Governor John Baldacci briefs the press on the state of Maine’s taxes. Photo by Ramona du Houx June/July 2006 By Ramona du Houx Taxes — the word that is so overtaxed during elections. Taxes — the word usually gets an emotional reaction. And that is what some political players are hoping for during this election cycle. Consider this — the […]
Governor John Baldacci briefs the press on the state of Maine’s taxes. Photo by Ramona du Houx
By Ramona du Houx
Taxes — the word that is so overtaxed during elections.
Taxes — the word usually gets an emotional reaction. And that is what some political players are hoping for during this election cycle.
Consider this — the majority of people in Maine believe that society has a responsibility to take care of its citizens. In truth it does take a village to raise and nurture our children. It takes people looking after one another — neighbors helping neighbors. And it takes money.
When the village can’t afford to look after its people, improve their roads, provide incentives for businesses, or provide educational infrastructure, they look to state and federal government for help.
The tax we pay comes back to us to help our communities and state grow. We are all in this together.
“But,” some complain, “why hasn’t the governor lowered taxes?”
Sometimes the best way to understand a situation is to try and imagine yourself in the shoes of the one you question.
How would you handle the state’s financial situation at the time when Governor Baldacci took office?
At the time we were in a recession, and he inherited a $1.2 billion structural deficit — that’s $1.2 billion — which would have made it irresponsible to lower taxes.
He faced continual cutbacks from the federal government.
Maine is not a wealthy state; we rely heavily on federal funds. When these are cut, the state has to make up the difference. Other states increased taxes to make up the difference — not Maine.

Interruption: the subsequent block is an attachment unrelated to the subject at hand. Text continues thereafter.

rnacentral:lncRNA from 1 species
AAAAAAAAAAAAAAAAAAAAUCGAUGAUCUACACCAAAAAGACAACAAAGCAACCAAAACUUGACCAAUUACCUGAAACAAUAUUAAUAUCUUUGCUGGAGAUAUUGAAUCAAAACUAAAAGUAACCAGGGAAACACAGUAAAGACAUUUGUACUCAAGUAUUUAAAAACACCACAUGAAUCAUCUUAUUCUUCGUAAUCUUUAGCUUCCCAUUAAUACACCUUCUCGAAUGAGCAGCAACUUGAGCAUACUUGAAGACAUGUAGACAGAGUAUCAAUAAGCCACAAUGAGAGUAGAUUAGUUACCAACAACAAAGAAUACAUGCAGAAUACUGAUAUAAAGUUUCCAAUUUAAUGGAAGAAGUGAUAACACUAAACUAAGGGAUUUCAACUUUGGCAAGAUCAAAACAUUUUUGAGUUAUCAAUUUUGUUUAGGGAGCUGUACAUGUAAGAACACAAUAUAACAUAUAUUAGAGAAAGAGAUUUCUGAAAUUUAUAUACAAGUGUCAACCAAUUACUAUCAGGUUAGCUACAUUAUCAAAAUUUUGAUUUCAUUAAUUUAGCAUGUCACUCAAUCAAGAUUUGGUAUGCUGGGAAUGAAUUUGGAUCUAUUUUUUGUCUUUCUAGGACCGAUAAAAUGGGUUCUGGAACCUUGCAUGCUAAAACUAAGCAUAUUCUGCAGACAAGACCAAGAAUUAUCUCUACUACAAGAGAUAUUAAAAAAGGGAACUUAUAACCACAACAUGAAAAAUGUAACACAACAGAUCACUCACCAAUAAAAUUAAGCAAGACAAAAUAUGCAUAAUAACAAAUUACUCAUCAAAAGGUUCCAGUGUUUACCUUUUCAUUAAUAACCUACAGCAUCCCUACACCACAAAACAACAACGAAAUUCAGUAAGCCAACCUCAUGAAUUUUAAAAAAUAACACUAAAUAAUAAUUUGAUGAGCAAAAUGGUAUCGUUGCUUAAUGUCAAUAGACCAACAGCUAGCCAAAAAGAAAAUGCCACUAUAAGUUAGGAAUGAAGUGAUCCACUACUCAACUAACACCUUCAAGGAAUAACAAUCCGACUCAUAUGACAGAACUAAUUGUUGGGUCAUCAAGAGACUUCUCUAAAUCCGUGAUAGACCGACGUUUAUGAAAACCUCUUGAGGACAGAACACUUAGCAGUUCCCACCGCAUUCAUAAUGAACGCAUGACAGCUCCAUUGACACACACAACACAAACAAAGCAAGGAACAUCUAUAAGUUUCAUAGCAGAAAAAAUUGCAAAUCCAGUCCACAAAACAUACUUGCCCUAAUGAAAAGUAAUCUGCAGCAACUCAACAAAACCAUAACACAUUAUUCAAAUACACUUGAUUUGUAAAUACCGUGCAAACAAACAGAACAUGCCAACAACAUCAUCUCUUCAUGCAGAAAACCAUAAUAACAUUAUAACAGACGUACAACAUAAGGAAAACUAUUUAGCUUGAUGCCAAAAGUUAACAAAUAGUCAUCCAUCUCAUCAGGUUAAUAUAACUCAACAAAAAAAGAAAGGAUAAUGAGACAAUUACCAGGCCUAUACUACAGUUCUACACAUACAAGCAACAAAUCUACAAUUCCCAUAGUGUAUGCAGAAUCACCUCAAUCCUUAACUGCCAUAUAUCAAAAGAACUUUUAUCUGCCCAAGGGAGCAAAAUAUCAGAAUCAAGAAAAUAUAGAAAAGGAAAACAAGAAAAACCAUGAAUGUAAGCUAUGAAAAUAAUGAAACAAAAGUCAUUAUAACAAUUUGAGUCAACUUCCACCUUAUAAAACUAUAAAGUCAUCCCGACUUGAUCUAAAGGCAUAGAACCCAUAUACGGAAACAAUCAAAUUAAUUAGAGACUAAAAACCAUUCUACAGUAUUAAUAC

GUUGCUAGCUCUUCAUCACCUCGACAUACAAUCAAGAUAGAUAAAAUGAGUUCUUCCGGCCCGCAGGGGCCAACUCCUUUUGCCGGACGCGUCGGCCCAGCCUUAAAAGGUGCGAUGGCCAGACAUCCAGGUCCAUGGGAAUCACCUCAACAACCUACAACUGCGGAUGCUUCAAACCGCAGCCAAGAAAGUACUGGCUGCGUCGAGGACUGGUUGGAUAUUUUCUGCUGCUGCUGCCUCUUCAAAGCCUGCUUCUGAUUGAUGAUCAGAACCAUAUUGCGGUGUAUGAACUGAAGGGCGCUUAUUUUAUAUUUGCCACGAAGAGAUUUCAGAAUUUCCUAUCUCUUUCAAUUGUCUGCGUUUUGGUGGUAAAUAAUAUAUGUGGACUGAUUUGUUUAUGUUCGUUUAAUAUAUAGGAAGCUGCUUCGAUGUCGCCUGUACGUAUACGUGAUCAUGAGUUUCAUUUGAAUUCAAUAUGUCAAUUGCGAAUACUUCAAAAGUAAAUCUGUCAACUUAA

Governor Baldacci managed to balance the budget every year, continued to look after all the people in Maine, created Dirigo Health, and community colleges, increased educational funding by $280 million, and continues to improve our business climate and position Maine in a knowledge-based economy, while protecting our environment.
— Maine no longer has over a billion dollars in debt.
— In fact the governor in July announced a fiscal year surplus of $74.1 million.
— From the surplus $30.6 million will go to address future long-term liabilities.
— The state’s reserves are now at $149 million — Maine has money in the bank.
From the mandated Medicare D program, the lack of help when fuel prices skyrocketed, to homeland security policies, the Bush administration’s programs and polices have endangered people by not providing funds when people most needed them.
The governor’s fiscal responsibility gave him the leeway to respond accordingly, without having to worry about the state’s finances. “When it came to a point where seniors needed their prescription drugs because Medicare D wasn’t working well, we were able to be there. When it came to low income heating assistance to make sure our seniors and disabled didn’t freeze to death in the winter, the state was able to respond. I’ll never abandon our most vulnerable. To preserve and protect the citizens of the state and the finances of the state is my most important and solemn obligation,” said the governor.
The federal budget cuts — across the board — to programs that states rely upon, end up cutting further into every state’s finances.
Having “money in the bank” enables the state to meet the challenges the Bush administration poses when they make budgets that are not fiscally responsible.
If the nation’s economy has a downturn, having money in the bank will give Maine a safety net.
Without the governor’s policies, Maine could have gone deeper into debt — which discourages business growth.